Riccardo Muti - Credit: Todd Rosenberg Photography

The Chicago Symphony Orchestra is coming for a West Coast tour, which will include the unique opportunity to see three different programs during a Cal Performances residency this weekend. Riccardo Muti will lead the CSO in symphonic music from Mozart to contemporary composer Elizabeth Ogonek, with Schubert, Schumann, Brahms, and Bruckner represented too.

There’s more information at the Cal Performances website.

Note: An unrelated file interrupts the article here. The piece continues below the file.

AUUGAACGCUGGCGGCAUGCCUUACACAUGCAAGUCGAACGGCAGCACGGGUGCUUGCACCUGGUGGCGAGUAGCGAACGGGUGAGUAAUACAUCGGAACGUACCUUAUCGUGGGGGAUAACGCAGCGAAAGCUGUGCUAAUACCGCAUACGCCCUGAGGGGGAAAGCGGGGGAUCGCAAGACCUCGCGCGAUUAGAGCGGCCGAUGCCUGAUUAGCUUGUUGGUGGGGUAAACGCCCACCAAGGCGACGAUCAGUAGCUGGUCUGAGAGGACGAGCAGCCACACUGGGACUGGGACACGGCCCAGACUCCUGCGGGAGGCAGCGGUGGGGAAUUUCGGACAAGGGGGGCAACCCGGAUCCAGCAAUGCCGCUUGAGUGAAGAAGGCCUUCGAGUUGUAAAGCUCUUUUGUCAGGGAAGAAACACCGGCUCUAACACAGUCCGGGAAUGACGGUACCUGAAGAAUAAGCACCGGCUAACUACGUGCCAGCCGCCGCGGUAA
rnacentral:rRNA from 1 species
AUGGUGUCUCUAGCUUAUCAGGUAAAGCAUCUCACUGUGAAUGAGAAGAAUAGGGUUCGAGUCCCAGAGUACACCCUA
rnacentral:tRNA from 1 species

The tour, which includes stops in Costa Mesa, Palm Desert, San Diego, and Los Angeles is only going to be doing all three of its programs when it’s in Berkeley, at Zellerbach Hall. Friday night’s concert begins with a work that calls on Muti’s career as a conductor of opera, the overture to William Tell. “This overture is one of the greatest creations of Rossini,” Muti says, “a sort of symphony by itself. Starts with one note. Not only one note, but one note by one player. And then this lament, this sort of desolazione, and then you have the storm. All these composers, Bellini, Donizetti, Verdi, always they dedicated some pages of music to the storm. And then you have this beautiful melody given to the English Horn that is the image of Switzerland calm… And then immediately, that all this peace is in danger because of the tyranny of the dictator.” He says the overture, because of its associations, doesn’t get the respect it deserves, and the same can be said for the music of Anton Bruckner, whose Fourth Symphony appears on that same concert, and who famously never stopped tweaking his works. “Bruckner was such a powerful composer, but inside he was very insecure, and when he finished the symphony, he always was ready to hear the opinion of colleagues, other conductors, friends. Bruckner always was very sensitive about all this advice,  and he tried to please the ideas of the others. Thinking that pleasing and following those ideas, he could make his work better.” The final concert on Sunday afternoon has back-to-back Brahms symphonies, his third, and second.